Under the heading of “time flies when you’re having fun”…we are in Week 7 of the campaign. Seven. There are many updates I’ve been remiss in sharing, so hang and I’ll take you on a frenetic update ride. Let’s go.
Three weeks from Friday is the gala. Three weeks. Have you purchased your tickets? Seriously, don’t make me go into sales mode to get you there. It’s an incredible amount of fun, the auction items are super cool, you get to dress up and make your 1980’s prom-self (and probably your forgettable date) jealous, and well, the bar is open and open late. All that aside, the most important reason you need to be there? The cause.
Two nights ago, there was a collective event at Club Soda. Non-candidate specific. And do you know how much was raised by our Fort Wayne contingent in the course of a three-hour event all in the name of eradicating cancer? Over $11,500! That’s pretty spectacular, as was the company.
Speaking of the attendees on Sunday, Gianna was also there. That was rough. She was clearly under the weather, her vibrant smile hidden beneath a signature sparkly hat. With her hand clutched to her Dad’s, Gianna’s little head hung low as she walked. She’s doing much better now; however, let me tell you – in the midst of dinner and a lot of laughs amongst friends, seeing that stops you mid-sentence. Nothing causes instant cessation faster than watching a sick child and trying to make sense of it.
Cancer stops everyone mid-whatever. Mid-car ride, mid-parenting, mid-phone call, mid-life, or sometimes mid-pitch, like OSU freshman baseball player Zach Farmer, who was diagnosed with AML (acute myeloid leukemia) last week. His season suddenly looks very different.
Earlier today, cancer halted me yet again mid-work day. As I was walking a thousand miles an hour down the hallway, our Admin Assistant answered a question for me and followed it up by asking one of her own:
“Can I ask you something personal?”
<nodding as my face lost all coloring>: “Of course.”
“When you were sick, did you have a tumor?”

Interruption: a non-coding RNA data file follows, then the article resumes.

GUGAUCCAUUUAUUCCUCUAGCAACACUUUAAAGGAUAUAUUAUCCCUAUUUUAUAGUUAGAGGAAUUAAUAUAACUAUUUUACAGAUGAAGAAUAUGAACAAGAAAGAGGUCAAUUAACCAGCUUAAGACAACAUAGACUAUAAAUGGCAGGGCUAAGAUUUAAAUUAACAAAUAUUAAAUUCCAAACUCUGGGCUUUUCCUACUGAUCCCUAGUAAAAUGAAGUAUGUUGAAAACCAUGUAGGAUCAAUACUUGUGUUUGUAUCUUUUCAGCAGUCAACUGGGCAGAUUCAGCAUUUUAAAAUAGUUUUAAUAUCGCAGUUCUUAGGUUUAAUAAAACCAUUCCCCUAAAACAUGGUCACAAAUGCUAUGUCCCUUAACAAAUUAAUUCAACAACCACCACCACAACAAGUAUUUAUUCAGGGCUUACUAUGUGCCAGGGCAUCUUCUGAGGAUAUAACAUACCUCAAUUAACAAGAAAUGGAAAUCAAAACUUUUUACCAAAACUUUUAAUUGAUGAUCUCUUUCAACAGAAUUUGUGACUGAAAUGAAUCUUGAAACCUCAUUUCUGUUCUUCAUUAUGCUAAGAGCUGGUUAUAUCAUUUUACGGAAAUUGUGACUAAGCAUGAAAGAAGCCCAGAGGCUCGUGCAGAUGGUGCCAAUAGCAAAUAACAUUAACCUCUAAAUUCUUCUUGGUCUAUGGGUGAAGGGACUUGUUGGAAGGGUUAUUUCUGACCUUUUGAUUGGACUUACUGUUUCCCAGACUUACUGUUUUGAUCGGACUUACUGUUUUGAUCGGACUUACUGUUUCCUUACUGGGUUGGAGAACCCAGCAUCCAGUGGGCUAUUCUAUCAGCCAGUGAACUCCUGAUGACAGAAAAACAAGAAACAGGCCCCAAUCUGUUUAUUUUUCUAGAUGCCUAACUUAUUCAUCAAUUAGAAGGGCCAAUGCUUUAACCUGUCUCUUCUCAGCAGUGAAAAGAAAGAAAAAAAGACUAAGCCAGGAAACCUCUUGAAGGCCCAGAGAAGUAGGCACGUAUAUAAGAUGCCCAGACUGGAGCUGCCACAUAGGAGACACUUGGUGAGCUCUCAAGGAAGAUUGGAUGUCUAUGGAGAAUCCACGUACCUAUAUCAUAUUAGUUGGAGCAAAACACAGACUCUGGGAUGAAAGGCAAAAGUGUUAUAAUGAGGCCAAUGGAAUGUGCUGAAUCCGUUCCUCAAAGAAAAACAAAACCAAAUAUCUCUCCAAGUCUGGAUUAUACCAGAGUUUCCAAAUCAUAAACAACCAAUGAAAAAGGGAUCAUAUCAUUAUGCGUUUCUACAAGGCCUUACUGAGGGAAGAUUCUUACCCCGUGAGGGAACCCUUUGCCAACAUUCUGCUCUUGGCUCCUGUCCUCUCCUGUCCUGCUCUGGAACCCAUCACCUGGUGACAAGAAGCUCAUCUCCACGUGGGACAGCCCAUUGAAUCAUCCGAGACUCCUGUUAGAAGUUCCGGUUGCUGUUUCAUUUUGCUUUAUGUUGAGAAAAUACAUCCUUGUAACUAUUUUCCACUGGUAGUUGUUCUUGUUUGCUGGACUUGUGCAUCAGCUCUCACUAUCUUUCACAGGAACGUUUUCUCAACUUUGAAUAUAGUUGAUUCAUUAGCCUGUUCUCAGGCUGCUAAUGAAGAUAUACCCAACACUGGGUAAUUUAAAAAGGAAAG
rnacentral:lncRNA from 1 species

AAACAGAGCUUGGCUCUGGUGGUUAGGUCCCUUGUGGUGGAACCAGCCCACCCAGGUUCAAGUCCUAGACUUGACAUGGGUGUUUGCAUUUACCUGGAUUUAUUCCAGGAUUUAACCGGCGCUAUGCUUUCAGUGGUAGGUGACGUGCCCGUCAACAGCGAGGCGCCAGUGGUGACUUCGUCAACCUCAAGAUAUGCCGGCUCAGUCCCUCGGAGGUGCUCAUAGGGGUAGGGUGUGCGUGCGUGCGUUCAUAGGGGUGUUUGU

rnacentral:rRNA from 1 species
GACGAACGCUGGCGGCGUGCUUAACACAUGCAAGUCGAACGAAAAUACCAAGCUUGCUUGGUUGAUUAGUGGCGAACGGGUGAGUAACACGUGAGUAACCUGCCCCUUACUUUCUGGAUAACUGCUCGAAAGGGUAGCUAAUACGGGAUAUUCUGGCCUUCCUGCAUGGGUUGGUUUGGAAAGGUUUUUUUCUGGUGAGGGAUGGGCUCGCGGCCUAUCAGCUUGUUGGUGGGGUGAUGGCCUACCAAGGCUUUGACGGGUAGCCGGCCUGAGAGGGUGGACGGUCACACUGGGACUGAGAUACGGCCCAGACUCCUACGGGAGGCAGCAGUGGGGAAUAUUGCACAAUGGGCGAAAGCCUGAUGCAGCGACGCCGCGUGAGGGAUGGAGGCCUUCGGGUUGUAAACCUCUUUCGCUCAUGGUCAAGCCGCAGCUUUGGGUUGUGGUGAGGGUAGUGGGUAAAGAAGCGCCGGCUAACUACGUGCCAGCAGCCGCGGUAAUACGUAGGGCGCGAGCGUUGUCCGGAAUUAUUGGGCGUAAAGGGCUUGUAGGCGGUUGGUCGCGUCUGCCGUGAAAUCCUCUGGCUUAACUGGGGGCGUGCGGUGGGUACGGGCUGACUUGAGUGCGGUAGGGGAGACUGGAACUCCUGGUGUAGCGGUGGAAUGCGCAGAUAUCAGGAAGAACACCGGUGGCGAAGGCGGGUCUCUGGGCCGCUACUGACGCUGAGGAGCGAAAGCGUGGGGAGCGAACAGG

<knowing what was about to happen>: “Who has cancer, Sarah?”
She went on to tell me the story. Sarah’s forever best girlfriend called her the day before in utter hysteria, explaining that her husband – the love of her life, her guy, her person, her one – has Hodgkin’s Lymphoma. I could tell Sarah had been crying; I’m sure her friend had been crying even more.
We went on to discuss the general disease, the typical prognosis, treatment, etc. Sarah understandably wanted to know so she could be in a position to help and comfort her best friend. The part that she was struggling with the most was not knowing how to counsel her regarding the emotional and relational toll it was taking. (We all do a bang up job with that stuff through our own volition; cancer doing it as a solo act infuriates me.)
Apparently, Sarah’s friend’s husband was in the anger stage. Anger. That one is something else.
You want to help with this campaign but don’t know how? Start by upping your compassion. And I don’t mean for “just people with cancer.” We all have something. Some ailment; some sickness; some thorn in our side with which we struggle. Let people be angry once in a while. Everyone’s “place” has been arrived at through completely different means. Our journeys are unique; our relationship histories even more so.
To watch someone you love battle cancer and yet be so completely defenseless is no small emotional undertaking.
When you are unable to step up to the plate and pinch hit for your loved one as so many family members and friends long to do, it DOES make you angry. When you are stuck in a hospital room for 7 weeks while your 2 year-old daughter is learning how to do first time things in this life that you should be showing her – it makes you angry.
When your wife, your husband, your brother, your sister, your high school “did THAT just happen?” buddy, your childhood friend, your own child, or…or the only mother or father you’ll ever have is sick and you can’t do a thing about it – it makes you ridiculously angry. And a whole lot of other emotions.
So let’s channel that anger at the right target together, just like the OSU baseball team is doing.
“The team as a whole is obviously concerned about their brother, but we will forge on in our mission.” -Coach Beals
Forge on, everyone. It matters.